City officials announced a plan on Tuesday to reorganize the beleaguered New Haven Police Department’s narcotics team by collaborating with state police.
Speaking at the Fair Haven police substation, Mayor John DeStefano and NHPD Chief Francisco Ortiz described a one-year partnership between the two agencies to stop what Oritz called “sophisticated” drug and gun trafficking in the city. Under the new plan, nine state police officers and nine NHPD officers will form a task force to more aggressively combat the drug and gun trade.
“They’ll be looking at sophisticated levels of drug trafficking, they’ll be helping with search warrants [and] making undercover buys,” he said.
The narcotics unit was dissolved by DeStefano and Ortiz after the arrest of Lt. Billy White, the head of the unit, and Detective Justen Kasperzyck, who were nabbed by the Federal Bureau of Investigation on March 13 after a sting operation. At the press conference, Ortiz and DeStefano acknowledged that the plan had been crafted with an eye on the recent scandal, which has left community members angered and prompted investigations, overhauls and a string of public appearances by high-level city officials.
Ortiz said the new task force has been set up in part to assure New Haven residents that the city will continue to tackle narcotics despite disbanding the old unit. Aggressive narcotics enforcement is important because drugs are a chief cause of crime in the city, he said.
“Drugs drive crime in New Haven,” he said. “And guns are the tools of the trade. This is about … how we can stem that flow.”
Gun violence has been a particular concern for the city in the past year. On Monday, the NHPD released crime statistics for the first quarter of 2007 that showed a 12 percent jump in both non-lethal shootings and assault compared to the first quarter of 2006, with 43 shooting victims so far this year.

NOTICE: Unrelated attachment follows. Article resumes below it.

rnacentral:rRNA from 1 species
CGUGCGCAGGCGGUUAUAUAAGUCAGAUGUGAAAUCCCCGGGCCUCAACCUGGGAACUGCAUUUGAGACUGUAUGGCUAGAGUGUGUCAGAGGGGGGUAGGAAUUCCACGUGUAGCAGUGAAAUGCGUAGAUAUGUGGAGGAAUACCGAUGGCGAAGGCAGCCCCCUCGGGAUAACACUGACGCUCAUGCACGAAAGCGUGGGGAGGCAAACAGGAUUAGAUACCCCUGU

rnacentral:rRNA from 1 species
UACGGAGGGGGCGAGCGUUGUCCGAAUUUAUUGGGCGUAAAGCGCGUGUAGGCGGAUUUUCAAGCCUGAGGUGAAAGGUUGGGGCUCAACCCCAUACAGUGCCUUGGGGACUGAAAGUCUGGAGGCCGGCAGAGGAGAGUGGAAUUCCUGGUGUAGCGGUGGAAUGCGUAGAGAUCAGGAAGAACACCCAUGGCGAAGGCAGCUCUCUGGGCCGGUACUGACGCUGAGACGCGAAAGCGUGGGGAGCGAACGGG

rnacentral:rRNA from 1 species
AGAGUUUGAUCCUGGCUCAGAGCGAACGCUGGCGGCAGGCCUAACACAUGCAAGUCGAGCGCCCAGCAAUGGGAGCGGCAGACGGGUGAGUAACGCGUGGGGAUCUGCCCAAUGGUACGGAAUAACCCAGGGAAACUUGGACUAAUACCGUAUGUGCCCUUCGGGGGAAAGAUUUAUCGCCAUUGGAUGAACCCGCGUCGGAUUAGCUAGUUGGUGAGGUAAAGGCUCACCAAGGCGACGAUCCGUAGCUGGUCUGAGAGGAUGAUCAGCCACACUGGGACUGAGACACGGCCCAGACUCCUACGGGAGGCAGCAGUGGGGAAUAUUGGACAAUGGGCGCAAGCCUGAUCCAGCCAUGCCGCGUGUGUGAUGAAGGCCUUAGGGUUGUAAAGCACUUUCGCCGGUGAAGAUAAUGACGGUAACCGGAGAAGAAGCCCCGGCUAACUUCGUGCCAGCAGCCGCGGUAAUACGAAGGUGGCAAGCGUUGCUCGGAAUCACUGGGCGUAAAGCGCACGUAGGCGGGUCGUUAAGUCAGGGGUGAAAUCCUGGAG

In order to prevent a repeat of the recent corruption scandal, Ortiz said, the new task force will have a more stringent system of checks and balances to ensure oversight of participating officers. But DeStefano said that oversight and accountability are issues that ultimately need to be resolved independently of the task force, the primary purpose of which is to tackle issues relating to drugs.
Ward 16 Alderwoman Migdalia Castro, who represents part of Fair Haven, said she is enthusiastic about the new task force and expects the community to react positively to the changes.
“This came at the right time because of what happened recently,” Castro said. “There’s going to be more response, more cops, more visibility.”
Ortiz said that the choice to conduct the press conference in Fair Haven — where the NHPD says it has had success in stemming crime — as opposed to a downtown location was meant to reflect police officials’ optimism about the task force.
The task force has only been given a one-year mandate, so its continuation depends on how well it does in the eyes of city officials. DeStefano said he will gauge the performance of the new collaboration simply: by looking at how much crime drops.
“It’s about whether or not guns are taken off the street,” he said.